I will forever remain grateful to Medium for giving us such a great start in life. In particular, I must acknowledge Davi Miller and Shaq Cheris — Medium Partnership Managers — who worked closely with me and who continue to take great interest in SUPERJUMP. Davi and Shaq were always generous with their time and expertise; that they also happen to be truly great humans is a wonderful bonus.

Why we’re saying goodbye

But the times, they are a-changin’. SUPERJUMP is leaving Medium. There are two reasons why:

  1. We are outgrowing the Medium platform itself. As our team expands, our needs around tooling and platform capabilities are also growing. We need more powerful collaboration tools, better analytics, and most importantly, full control over how we monetise content and distribute earnings.
  2. We believe that Medium’s strategy is rapidly shifting away from publications. As Medium focuses on building partnerships with individual writers, it understandably cannot focus on the needs of publications. We believe publications have less options for self determination in 2022, not more.

These two factors are the main contributors to our decision. I think that Medium is one of the few platforms on the internet that truly wants to build a constructive space that places value on great writing. This is why I hope Medium succeeds, and why I will continue to eagerly watch developments here into the future.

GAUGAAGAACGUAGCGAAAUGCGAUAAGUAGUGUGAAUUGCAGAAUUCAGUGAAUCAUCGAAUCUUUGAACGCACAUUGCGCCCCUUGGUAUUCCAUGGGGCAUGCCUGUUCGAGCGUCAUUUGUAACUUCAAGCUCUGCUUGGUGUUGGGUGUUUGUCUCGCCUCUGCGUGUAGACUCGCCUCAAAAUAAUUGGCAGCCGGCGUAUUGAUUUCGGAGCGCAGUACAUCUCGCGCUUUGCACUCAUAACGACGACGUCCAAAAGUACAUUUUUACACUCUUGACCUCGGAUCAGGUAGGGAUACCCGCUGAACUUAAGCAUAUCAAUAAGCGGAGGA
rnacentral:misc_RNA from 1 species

So, what will happen to SUPERJUMP? Well, friends, that’s where things get exciting.

Our future

We have been hard at work building the next-generation SUPERJUMP. Changing platforms is never easy, and we searched long and hard to find a solution that would enable us to take SUPERJUMP further than ever before. After an exhaustive search, we chose Ghost as our new home. What’s great about Ghost is that it gives our writers super elegant creation tools (that are every bit as intuitive as Medium, but with far more power), while providing an open platform on which we can build the publication of our dreams.

In the coming weeks, I will share specific information about:

  • How you can continue to work with us post-Medium (the story is now live)
  • How we will transition from Medium to Ghost

But for now, I’d like to end this story with a couple of thoughts about our future:

Firstly, although we are technically a publication, I’ve always thought of SUPERJUMP as more of a writers’ collective. We have editors, but we don’t have a top-down structure. Every single writer who works with us decides what they write, and when they write it. Our editors are the biggest fans and champions of our writers. This is one element of our secret sauce: it means writers are only ever creating works that they feel passionate about. That’s why our content is both highly diverse and super high quality.

Secondly, as a writers’ collective, I’d like to see more equitable remuneration among writers than is currently possible on Medium. I believe that as SUPERJUMP grows and experiments with multiple revenue streams and models, all of that money should be flowing directly back to our writers. After all, we are nothing without them.

Thank you for reading, and for your continued support of SUPERJUMP. If you have any questions at all, please feel free to pop them in the comments on this story. I will respond to every single one.